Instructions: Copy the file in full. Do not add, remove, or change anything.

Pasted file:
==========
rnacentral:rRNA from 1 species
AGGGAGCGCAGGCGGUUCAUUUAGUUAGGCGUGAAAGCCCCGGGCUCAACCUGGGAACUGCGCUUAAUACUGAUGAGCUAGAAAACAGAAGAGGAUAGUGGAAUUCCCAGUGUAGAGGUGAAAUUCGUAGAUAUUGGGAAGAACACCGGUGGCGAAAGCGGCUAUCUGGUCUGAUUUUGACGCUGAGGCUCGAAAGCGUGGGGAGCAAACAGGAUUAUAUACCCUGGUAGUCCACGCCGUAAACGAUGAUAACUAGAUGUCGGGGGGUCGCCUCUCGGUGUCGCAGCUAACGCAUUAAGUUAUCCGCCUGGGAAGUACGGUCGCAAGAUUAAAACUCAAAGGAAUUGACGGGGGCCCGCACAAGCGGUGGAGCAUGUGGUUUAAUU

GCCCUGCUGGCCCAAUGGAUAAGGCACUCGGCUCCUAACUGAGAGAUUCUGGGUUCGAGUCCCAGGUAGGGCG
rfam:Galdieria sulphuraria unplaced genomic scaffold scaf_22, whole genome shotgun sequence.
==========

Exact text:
rnacentral:rRNA from 1 species
AGGGAGCGCAGGCGGUUCAUUUAGUUAGGCGUGAAAGCCCCGGGCUCAACCUGGGAACUGCGCUUAAUACUGAUGAGCUAGAAAACAGAAGAGGAUAGUGGAAUUCCCAGUGUAGAGGUGAAAUUCGUAGAUAUUGGGAAGAACACCGGUGGCGAAAGCGGCUAUCUGGUCUGAUUUUGACGCUGAGGCUCGAAAGCGUGGGGAGCAAACAGGAUUAUAUACCCUGGUAGUCCACGCCGUAAACGAUGAUAACUAGAUGUCGGGGGGUCGCCUCUCGGUGUCGCAGCUAACGCAUUAAGUUAUCCGCCUGGGAAGUACGGUCGCAAGAUUAAAACUCAAAGGAAUUGACGGGGGCCCGCACAAGCGGUGGAGCAUGUGGUUUAAUU

GCCCUGCUGGCCCAAUGGAUAAGGCACUCGGCUCCUAACUGAGAGAUUCUGGGUUCGAGUCCCAGGUAGGGCG
rfam:Galdieria sulphuraria unplaced genomic scaffold scaf_22, whole genome shotgun sequence.